Tuesday, March 11, 2008

Names in the news: "A theory of names"

… No, I'm not going near THAT story, where even the names are too easily made into part of the story line.

But the NYT ran a story this morning that quoted Cleveland Kent Evans, past president of the American Name Society. The piece, as you can see, is about whether having odd names does you psychological damaged later in life. First, a person note: Verbs are good, active, healthy, so I have no personal stake in this. That's unlike Emma Royd, Garage Empty, Please Cope, Lotta Beers and Major Slaughter, all named in the piece. Apparently a lot of these folks, though, are proud of their distinctive names.

There's of course no real "theory of names" as the headline promises, but whatevs.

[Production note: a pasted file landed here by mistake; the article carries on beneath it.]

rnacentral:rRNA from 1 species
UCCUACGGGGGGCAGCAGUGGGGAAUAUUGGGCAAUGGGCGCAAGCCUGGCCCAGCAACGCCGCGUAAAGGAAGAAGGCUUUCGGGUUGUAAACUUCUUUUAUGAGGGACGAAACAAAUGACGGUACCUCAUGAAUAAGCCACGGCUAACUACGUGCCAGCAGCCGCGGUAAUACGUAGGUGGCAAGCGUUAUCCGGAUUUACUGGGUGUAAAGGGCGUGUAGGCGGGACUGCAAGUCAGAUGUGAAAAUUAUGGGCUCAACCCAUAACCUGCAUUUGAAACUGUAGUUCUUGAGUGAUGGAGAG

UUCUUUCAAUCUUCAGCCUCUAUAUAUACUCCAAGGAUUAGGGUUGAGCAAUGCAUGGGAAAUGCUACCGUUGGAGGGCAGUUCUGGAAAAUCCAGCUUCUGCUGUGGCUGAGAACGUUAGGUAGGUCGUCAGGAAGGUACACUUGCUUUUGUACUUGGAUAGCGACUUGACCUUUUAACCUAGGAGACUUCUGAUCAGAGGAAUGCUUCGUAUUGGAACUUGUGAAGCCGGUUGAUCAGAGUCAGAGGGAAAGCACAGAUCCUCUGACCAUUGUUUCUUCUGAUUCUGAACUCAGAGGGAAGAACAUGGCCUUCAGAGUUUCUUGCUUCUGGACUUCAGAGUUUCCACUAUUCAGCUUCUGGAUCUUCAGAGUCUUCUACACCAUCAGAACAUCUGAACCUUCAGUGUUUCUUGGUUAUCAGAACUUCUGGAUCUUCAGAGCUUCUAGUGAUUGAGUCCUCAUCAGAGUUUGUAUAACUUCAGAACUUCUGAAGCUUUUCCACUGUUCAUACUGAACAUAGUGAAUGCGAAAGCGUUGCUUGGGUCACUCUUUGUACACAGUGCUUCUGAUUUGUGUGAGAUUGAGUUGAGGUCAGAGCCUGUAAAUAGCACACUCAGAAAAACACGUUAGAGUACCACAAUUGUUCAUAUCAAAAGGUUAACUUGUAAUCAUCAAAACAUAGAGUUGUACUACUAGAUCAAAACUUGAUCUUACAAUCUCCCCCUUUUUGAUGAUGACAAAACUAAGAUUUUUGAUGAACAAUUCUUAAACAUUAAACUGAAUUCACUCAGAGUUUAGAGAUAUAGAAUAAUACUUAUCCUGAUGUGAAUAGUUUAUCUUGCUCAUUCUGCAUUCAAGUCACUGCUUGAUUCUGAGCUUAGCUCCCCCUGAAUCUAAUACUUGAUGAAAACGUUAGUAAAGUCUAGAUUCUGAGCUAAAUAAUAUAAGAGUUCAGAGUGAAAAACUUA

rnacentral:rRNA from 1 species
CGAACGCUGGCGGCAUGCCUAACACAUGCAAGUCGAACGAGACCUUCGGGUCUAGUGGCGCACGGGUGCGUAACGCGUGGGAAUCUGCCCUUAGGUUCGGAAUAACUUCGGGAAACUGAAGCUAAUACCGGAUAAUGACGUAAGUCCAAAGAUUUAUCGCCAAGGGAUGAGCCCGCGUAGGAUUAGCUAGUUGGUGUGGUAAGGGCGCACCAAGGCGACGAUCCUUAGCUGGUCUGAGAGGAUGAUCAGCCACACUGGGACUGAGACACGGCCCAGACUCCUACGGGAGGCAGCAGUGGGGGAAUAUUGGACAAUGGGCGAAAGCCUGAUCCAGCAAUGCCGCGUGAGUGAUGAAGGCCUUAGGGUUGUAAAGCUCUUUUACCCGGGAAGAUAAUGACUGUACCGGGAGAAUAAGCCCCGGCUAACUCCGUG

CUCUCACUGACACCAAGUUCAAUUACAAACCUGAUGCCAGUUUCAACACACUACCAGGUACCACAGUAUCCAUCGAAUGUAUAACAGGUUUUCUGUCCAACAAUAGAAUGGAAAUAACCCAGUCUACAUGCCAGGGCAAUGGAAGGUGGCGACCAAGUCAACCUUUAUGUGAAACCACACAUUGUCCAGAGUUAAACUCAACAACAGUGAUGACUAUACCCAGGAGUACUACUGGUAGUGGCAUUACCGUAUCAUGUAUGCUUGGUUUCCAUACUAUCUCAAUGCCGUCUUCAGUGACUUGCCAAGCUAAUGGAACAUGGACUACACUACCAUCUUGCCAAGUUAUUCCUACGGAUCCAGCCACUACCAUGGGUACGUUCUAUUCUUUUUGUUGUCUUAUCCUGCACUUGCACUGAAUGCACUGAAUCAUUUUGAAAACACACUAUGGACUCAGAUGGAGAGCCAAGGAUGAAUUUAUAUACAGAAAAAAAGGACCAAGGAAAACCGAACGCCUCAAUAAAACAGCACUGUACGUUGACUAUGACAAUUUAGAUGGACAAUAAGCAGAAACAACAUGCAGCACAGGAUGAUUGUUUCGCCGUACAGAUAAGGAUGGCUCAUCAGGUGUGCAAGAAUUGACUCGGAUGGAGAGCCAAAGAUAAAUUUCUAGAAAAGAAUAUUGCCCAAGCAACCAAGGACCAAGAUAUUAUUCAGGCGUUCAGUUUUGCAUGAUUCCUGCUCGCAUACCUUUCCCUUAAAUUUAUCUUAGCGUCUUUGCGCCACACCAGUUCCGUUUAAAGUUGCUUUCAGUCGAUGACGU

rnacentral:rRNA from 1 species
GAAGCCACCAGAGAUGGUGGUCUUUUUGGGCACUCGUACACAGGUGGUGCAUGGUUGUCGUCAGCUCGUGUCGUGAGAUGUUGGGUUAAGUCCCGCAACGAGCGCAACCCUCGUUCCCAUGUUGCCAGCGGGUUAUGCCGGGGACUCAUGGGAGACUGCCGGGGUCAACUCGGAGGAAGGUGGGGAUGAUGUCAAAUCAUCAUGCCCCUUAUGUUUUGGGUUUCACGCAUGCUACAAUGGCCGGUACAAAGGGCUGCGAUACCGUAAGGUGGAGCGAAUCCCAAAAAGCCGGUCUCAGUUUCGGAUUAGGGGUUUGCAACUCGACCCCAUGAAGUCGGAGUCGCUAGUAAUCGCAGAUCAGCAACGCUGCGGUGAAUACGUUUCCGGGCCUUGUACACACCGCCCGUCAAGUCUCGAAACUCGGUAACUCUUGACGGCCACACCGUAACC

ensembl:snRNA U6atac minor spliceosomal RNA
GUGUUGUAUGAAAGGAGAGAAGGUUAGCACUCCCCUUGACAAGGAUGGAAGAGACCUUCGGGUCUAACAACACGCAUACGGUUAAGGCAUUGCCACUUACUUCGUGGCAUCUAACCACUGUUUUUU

Image from here, in case you're not happy with YOUR name.


Ollock said...

I can't possibly compete with those names, but I have a slightly odd middle name: Alston. Only real trouble it gives me that when I tell it to people I have to remind them that I pronounce it with [æ] rather than [ɑ] (apparently my pronunciation is nonstandard) -- at which point some people mistake it with "Allison".

That and it unfortunately gives me the same initials as the country music TV channel, GAC. :(

I've seen some interesting names out there that are much worse than mine -- including one girl named Arwen Evenstar (first and middle) and a friend with the middle name Micheal and the last name Jackson. So far as I know none of them have gone off the deep end. :)

Mr. Verb said...

Thanks. This does raise a question … about how you measure the oddness of names. In some sense, like you, most of us end up with names that are unusual in some ways. Did they measure Jane and John Smith against Lotta Beers and Major Slaughter or put people on some kind of scale?